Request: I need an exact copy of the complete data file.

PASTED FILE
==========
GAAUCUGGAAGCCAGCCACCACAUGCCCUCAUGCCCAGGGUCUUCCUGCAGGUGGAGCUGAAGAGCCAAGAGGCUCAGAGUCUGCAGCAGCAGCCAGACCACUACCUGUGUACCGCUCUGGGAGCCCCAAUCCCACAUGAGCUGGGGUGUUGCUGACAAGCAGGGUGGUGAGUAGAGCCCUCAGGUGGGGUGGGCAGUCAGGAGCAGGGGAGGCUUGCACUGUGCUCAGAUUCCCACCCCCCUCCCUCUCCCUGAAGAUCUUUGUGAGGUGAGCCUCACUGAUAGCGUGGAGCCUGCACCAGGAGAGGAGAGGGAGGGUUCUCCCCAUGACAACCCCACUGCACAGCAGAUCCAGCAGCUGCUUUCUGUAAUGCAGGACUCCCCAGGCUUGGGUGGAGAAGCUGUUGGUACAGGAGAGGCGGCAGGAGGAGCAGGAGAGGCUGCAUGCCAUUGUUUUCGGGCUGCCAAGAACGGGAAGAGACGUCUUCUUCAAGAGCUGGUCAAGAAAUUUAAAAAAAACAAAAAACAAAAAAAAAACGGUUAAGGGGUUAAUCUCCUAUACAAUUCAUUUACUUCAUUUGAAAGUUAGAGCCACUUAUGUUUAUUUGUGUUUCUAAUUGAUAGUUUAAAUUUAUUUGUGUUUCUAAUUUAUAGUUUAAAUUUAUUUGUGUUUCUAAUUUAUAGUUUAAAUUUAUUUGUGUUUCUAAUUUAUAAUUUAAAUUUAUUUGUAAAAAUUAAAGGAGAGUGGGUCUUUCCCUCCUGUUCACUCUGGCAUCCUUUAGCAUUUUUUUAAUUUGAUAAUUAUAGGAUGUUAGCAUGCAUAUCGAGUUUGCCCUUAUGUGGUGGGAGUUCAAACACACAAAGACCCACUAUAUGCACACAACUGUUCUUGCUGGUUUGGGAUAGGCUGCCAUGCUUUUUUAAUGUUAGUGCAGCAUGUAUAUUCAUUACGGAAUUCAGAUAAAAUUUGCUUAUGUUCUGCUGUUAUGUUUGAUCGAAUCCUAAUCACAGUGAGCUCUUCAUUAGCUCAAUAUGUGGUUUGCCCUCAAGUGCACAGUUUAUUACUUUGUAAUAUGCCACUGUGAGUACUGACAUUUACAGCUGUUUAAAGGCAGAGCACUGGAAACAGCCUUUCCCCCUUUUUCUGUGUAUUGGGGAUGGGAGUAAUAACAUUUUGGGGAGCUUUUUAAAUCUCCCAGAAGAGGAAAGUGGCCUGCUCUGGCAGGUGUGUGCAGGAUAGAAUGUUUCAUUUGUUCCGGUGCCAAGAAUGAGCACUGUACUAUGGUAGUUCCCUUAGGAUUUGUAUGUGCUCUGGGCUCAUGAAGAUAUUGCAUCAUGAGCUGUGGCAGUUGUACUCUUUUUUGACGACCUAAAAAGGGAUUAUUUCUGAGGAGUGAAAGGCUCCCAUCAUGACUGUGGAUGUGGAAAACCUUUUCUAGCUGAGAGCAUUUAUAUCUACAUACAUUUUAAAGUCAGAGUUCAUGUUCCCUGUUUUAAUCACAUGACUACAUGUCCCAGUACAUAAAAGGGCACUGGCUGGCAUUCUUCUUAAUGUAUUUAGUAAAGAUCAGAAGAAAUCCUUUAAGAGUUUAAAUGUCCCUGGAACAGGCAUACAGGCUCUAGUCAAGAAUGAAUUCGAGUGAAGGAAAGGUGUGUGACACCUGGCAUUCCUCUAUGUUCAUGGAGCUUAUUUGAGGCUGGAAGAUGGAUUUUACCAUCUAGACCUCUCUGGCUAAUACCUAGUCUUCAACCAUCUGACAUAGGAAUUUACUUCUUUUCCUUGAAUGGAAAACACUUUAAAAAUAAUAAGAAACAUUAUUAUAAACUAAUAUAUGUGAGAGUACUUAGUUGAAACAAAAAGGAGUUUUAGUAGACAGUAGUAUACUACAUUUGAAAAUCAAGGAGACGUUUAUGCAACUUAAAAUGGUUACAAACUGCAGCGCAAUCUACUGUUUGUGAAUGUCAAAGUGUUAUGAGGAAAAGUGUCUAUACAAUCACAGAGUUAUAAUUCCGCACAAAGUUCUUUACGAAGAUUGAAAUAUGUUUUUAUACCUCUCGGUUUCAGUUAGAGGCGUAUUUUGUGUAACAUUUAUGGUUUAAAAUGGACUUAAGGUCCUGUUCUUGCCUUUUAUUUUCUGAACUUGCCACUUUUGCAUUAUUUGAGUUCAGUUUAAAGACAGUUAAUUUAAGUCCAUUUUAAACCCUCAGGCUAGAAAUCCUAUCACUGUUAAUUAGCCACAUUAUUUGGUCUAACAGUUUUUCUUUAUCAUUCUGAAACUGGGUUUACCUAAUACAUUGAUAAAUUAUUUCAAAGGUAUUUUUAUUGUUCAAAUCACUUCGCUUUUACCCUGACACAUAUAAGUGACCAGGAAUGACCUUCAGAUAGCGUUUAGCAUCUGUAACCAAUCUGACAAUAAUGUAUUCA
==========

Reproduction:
GAAUCUGGAAGCCAGCCACCACAUGCCCUCAUGCCCAGGGUCUUCCUGCAGGUGGAGCUGAAGAGCCAAGAGGCUCAGAGUCUGCAGCAGCAGCCAGACCACUACCUGUGUACCGCUCUGGGAGCCCCAAUCCCACAUGAGCUGGGGUGUUGCUGACAAGCAGGGUGGUGAGUAGAGCCCUCAGGUGGGGUGGGCAGUCAGGAGCAGGGGAGGCUUGCACUGUGCUCAGAUUCCCACCCCCCUCCCUCUCCCUGAAGAUCUUUGUGAGGUGAGCCUCACUGAUAGCGUGGAGCCUGCACCAGGAGAGGAGAGGGAGGGUUCUCCCCAUGACAACCCCACUGCACAGCAGAUCCAGCAGCUGCUUUCUGUAAUGCAGGACUCCCCAGGCUUGGGUGGAGAAGCUGUUGGUACAGGAGAGGCGGCAGGAGGAGCAGGAGAGGCUGCAUGCCAUUGUUUUCGGGCUGCCAAGAACGGGAAGAGACGUCUUCUUCAAGAGCUGGUCAAGAAAUUUAAAAAAAACAAAAAACAAAAAAAAAACGGUUAAGGGGUUAAUCUCCUAUACAAUUCAUUUACUUCAUUUGAAAGUUAGAGCCACUUAUGUUUAUUUGUGUUUCUAAUUGAUAGUUUAAAUUUAUUUGUGUUUCUAAUUUAUAGUUUAAAUUUAUUUGUGUUUCUAAUUUAUAGUUUAAAUUUAUUUGUGUUUCUAAUUUAUAAUUUAAAUUUAUUUGUAAAAAUUAAAGGAGAGUGGGUCUUUCCCUCCUGUUCACUCUGGCAUCCUUUAGCAUUUUUUUAAUUUGAUAAUUAUAGGAUGUUAGCAUGCAUAUCGAGUUUGCCCUUAUGUGGUGGGAGUUCAAACACACAAAGACCCACUAUAUGCACACAACUGUUCUUGCUGGUUUGGGAUAGGCUGCCAUGCUUUUUUAAUGUUAGUGCAGCAUGUAUAUUCAUUACGGAAUUCAGAUAAAAUUUGCUUAUGUUCUGCUGUUAUGUUUGAUCGAAUCCUAAUCACAGUGAGCUCUUCAUUAGCUCAAUAUGUGGUUUGCCCUCAAGUGCACAGUUUAUUACUUUGUAAUAUGCCACUGUGAGUACUGACAUUUACAGCUGUUUAAAGGCAGAGCACUGGAAACAGCCUUUCCCCCUUUUUCUGUGUAUUGGGGAUGGGAGUAAUAACAUUUUGGGGAGCUUUUUAAAUCUCCCAGAAGAGGAAAGUGGCCUGCUCUGGCAGGUGUGUGCAGGAUAGAAUGUUUCAUUUGUUCCGGUGCCAAGAAUGAGCACUGUACUAUGGUAGUUCCCUUAGGAUUUGUAUGUGCUCUGGGCUCAUGAAGAUAUUGCAUCAUGAGCUGUGGCAGUUGUACUCUUUUUUGACGACCUAAAAAGGGAUUAUUUCUGAGGAGUGAAAGGCUCCCAUCAUGACUGUGGAUGUGGAAAACCUUUUCUAGCUGAGAGCAUUUAUAUCUACAUACAUUUUAAAGUCAGAGUUCAUGUUCCCUGUUUUAAUCACAUGACUACAUGUCCCAGUACAUAAAAGGGCACUGGCUGGCAUUCUUCUUAAUGUAUUUAGUAAAGAUCAGAAGAAAUCCUUUAAGAGUUUAAAUGUCCCUGGAACAGGCAUACAGGCUCUAGUCAAGAAUGAAUUCGAGUGAAGGAAAGGUGUGUGACACCUGGCAUUCCUCUAUGUUCAUGGAGCUUAUUUGAGGCUGGAAGAUGGAUUUUACCAUCUAGACCUCUCUGGCUAAUACCUAGUCUUCAACCAUCUGACAUAGGAAUUUACUUCUUUUCCUUGAAUGGAAAACACUUUAAAAAUAAUAAGAAACAUUAUUAUAAACUAAUAUAUGUGAGAGUACUUAGUUGAAACAAAAAGGAGUUUUAGUAGACAGUAGUAUACUACAUUUGAAAAUCAAGGAGACGUUUAUGCAACUUAAAAUGGUUACAAACUGCAGCGCAAUCUACUGUUUGUGAAUGUCAAAGUGUUAUGAGGAAAAGUGUCUAUACAAUCACAGAGUUAUAAUUCCGCACAAAGUUCUUUACGAAGAUUGAAAUAUGUUUUUAUACCUCUCGGUUUCAGUUAGAGGCGUAUUUUGUGUAACAUUUAUGGUUUAAAAUGGACUUAAGGUCCUGUUCUUGCCUUUUAUUUUCUGAACUUGCCACUUUUGCAUUAUUUGAGUUCAGUUUAAAGACAGUUAAUUUAAGUCCAUUUUAAACCCUCAGGCUAGAAAUCCUAUCACUGUUAAUUAGCCACAUUAUUUGGUCUAACAGUUUUUCUUUAUCAUUCUGAAACUGGGUUUACCUAAUACAUUGAUAAAUUAUUUCAAAGGUAUUUUUAUUGUUCAAAUCACUUCGCUUUUACCCUGACACAUAUAAGUGACCAGGAAUGACCUUCAGAUAGCGUUUAGCAUCUGUAACCAAUCUGACAAUAAUGUAUUCA